HISTORIC AUSTRALIANS
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FLINDERS, MATTHEW (1774-1814),

captain in the navy, discoverer,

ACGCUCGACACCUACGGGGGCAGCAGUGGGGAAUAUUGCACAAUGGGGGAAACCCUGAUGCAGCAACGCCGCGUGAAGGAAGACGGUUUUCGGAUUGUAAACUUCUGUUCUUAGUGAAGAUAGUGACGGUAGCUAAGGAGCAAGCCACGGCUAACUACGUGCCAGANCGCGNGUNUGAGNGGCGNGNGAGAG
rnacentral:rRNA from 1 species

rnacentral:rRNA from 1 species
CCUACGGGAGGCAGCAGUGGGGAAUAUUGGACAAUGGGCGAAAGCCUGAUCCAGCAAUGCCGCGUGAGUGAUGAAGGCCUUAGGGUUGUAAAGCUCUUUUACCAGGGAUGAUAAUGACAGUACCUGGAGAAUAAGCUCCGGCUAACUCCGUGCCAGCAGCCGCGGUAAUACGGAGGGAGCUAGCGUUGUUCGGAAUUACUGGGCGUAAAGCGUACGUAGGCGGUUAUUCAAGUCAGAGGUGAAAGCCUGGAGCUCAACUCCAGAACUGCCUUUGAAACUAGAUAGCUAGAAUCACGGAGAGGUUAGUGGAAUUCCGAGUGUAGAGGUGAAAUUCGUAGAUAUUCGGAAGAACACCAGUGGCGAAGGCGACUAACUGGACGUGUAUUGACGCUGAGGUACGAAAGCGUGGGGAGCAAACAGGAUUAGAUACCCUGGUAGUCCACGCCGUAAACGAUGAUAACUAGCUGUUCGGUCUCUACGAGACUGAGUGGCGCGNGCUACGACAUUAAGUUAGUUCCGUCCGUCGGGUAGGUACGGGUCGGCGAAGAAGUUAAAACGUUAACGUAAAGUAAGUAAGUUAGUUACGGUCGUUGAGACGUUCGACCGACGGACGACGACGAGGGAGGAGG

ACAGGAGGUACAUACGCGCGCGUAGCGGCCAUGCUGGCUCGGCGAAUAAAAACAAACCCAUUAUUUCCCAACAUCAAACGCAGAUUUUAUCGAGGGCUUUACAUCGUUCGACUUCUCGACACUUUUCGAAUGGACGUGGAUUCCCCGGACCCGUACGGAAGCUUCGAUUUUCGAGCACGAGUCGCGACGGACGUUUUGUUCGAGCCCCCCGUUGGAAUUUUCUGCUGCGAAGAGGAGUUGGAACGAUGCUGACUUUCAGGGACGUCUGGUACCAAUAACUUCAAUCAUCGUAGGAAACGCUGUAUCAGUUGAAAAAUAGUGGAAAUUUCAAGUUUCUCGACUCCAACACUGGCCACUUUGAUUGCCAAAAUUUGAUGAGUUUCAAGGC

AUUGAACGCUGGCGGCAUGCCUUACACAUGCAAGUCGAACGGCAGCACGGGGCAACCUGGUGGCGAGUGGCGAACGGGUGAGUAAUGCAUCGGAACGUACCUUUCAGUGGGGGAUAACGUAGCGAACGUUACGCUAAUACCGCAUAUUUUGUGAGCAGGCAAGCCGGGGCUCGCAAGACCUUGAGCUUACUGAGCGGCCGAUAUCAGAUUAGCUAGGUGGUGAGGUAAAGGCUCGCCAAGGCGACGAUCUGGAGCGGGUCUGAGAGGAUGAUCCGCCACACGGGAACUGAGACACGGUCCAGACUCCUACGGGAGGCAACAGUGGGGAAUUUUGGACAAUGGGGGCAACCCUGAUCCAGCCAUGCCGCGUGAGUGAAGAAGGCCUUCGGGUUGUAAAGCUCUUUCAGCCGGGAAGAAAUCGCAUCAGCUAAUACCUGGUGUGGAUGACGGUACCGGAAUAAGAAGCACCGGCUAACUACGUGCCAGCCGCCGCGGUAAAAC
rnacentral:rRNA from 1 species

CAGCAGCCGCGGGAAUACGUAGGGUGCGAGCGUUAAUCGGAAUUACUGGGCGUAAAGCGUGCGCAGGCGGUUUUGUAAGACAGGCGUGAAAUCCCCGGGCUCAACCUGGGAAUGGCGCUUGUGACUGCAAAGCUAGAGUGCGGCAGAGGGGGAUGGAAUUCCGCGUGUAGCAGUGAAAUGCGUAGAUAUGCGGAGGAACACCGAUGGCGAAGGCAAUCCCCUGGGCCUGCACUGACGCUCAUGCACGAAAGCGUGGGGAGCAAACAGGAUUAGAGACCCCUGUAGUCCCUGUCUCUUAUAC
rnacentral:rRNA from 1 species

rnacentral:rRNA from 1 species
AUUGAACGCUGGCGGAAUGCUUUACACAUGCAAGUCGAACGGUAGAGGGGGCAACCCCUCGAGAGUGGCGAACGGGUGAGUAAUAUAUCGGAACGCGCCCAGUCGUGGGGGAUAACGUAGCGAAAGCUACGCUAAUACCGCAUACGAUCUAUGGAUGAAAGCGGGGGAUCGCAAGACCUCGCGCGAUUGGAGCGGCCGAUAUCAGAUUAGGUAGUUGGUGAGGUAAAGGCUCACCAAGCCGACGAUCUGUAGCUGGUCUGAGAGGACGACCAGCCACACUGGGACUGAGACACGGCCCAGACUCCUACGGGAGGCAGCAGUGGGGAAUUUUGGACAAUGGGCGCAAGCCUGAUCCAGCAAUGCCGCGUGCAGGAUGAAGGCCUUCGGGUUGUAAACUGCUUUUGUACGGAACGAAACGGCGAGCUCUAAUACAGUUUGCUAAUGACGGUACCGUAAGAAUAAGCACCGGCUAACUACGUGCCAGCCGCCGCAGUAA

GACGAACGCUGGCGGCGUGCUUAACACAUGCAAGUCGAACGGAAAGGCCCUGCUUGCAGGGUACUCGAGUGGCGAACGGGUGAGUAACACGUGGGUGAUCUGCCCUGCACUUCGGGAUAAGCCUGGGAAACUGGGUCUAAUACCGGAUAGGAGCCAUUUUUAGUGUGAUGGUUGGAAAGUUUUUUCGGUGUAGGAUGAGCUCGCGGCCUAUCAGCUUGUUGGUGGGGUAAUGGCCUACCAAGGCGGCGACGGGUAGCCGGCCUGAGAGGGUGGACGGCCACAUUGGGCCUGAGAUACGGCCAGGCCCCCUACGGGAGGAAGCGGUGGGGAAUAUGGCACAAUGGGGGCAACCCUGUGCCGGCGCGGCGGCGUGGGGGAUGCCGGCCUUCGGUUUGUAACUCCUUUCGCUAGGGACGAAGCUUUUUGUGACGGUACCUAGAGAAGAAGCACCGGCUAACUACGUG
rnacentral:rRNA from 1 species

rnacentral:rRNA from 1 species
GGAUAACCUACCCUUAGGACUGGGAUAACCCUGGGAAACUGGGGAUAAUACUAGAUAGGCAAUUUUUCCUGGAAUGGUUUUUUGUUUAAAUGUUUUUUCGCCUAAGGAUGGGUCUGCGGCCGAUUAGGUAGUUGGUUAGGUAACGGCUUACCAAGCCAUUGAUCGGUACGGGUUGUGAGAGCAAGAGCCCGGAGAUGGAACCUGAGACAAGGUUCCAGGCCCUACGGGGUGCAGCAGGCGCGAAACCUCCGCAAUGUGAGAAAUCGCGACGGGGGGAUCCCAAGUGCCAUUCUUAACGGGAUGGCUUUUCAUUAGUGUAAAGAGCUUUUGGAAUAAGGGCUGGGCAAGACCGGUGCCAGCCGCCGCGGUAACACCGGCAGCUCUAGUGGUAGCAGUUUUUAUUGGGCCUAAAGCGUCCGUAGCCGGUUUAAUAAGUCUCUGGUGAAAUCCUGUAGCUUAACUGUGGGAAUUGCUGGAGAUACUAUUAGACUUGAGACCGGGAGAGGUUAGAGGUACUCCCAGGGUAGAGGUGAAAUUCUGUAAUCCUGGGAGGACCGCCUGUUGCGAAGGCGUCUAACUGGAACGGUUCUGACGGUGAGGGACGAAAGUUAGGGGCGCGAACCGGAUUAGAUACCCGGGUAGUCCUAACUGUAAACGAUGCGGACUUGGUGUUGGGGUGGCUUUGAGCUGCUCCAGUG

was born at Donington, Lincolnshire, England, on 16 March 1774. His father Matthew Flinders was a surgeon and a son of a surgeon, his mother's name was originally Susannah Ward. He was educated at the free school at Donington, which had been founded and endowed by Thomas Cowley in 1718, and at the Horbling Grammar School. In October 1789 he entered the royal navy having been in his own words, "induced to go to sea against the wishes of my friends from reading Robinson Crusoe". One friend who tried to restrain him was his uncle, John Flinders, who had himself been 11 years in the navy without having reached the rank of lieutenant. He concluded his letter of advice by saying that if the boy did decide to join he should study Euclid and the books on navigation of John Robertson and Hamilton Moore. It is probable that Flinders's early study of these books helped to make him the excellent cartographer he subsequently became. Flinders joined his first vessel, the Alert, in October 1789, from her was transferred to the Scipio, and in July 1790 he became a midshipman on the Bellerophon. In 1791 With his captain's concurrence he joined the Providence as midshipman, and served under Captain William Bligh (q.v.) who was making his second expedition to the South Seas. One of the objects of the expedition was to obtain breadfruit-trees for the West Indies, which was successfully accomplished in January 1793. Flinders had opportunities during this voyage of preparing charts and making astronomical observations, and generally fitting himself for the tasks he was to undertake later on. On his return he reported himself to his former chief, Captain Pasley, on the Bellerophon, and rejoined her. On her he took part in the naval battle fought off Brest on 1 June 1794, generally known in history as the glorious First of June. Flinders kept a diary and wrote in it a full and interesting account of this battle. He was never afterwards in action; his work was to lie in other directions.